Symptoms and Testing
What are the symptoms of HPV and genital warts? What kind of tests can be done to find out if I have HPV?
Since HPV is a virus, there is no cure. The HPV virus can live in the body for weeks, months or years without having any symptoms of the HPV disease.
Symptoms can manifest in the form or genital warts. About two-thirds of people who have sexual contact with a partner with genital warts will develop warts, usually within 3 months of contact.
Many people with genital warts complain of itching, irritation, bleeding, discharge and pain.
Any growth or sore on your genitals is a cause for concern and should be examined by your doctor. See Genital Warts Facts for how warts are described in appearance in fact number two.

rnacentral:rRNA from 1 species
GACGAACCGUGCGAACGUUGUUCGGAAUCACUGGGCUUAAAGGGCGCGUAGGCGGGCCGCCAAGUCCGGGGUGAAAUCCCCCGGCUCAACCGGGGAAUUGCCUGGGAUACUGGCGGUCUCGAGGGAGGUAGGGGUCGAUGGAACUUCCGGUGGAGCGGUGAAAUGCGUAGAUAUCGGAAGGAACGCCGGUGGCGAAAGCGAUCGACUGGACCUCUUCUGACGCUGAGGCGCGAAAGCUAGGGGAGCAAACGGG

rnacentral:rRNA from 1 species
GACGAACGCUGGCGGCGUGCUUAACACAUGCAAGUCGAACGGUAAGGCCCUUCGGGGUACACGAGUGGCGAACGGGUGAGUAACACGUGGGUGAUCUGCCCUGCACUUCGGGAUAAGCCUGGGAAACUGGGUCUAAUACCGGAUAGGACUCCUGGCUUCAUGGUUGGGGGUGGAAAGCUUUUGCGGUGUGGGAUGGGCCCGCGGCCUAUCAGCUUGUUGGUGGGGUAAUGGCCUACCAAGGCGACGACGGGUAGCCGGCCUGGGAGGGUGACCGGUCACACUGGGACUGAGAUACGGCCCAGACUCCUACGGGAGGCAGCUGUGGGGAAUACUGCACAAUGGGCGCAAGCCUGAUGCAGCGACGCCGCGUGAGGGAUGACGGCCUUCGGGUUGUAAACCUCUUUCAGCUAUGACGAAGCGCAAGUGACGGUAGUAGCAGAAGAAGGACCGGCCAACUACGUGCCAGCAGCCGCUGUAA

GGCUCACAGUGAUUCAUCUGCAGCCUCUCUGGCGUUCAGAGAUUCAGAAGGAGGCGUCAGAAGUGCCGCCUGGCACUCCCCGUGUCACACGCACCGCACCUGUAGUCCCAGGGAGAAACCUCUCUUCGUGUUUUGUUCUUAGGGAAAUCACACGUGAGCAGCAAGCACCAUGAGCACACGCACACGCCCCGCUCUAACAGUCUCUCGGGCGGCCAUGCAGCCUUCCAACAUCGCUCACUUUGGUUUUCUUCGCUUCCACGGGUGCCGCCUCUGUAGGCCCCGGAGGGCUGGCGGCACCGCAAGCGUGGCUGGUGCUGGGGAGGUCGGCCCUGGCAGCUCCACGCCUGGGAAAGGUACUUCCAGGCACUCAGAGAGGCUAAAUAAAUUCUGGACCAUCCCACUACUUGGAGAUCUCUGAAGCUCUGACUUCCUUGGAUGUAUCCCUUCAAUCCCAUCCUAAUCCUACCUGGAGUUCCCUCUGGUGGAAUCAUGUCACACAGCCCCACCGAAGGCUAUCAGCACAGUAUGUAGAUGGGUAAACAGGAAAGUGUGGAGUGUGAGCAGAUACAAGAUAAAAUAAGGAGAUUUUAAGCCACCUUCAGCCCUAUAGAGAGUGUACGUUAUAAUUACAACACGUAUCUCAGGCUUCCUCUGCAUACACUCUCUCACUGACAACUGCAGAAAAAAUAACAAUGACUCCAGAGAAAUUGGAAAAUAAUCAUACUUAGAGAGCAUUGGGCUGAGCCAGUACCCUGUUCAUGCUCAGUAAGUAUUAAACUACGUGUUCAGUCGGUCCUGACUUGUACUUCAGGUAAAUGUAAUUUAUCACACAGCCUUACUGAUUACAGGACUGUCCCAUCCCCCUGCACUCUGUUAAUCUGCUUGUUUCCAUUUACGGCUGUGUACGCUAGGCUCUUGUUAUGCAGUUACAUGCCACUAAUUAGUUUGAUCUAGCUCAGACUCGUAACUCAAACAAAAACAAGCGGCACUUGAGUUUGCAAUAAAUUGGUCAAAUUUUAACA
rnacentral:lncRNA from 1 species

An early infection might not be obvious, so you could have genital warts and not know it.
Your doctor may use more than one technique to confirm that you have genital warts. After visually examining your genitals, the doctor may use a magnifying instrument (colposcope) to see and identify flat or tiny warts (inside a women’s vagina or on the shaft of a man’s penis). Sometimes it is necessary to obtain a small sample of tissue (biopsy) and look at the tissue under a microscope.
If you are a woman, your doctor may perform a pap smear and remove a few cells from the opening of the uterus (cervix) for laboratory study.
You can have more than one STD (Sexually Transmitted Disease) – Syphillis, Gonorrhea, Chlamydia, Herpes, HIV, and AIDS. All patients with HPV should be tested or screened for the other STDs and HIV.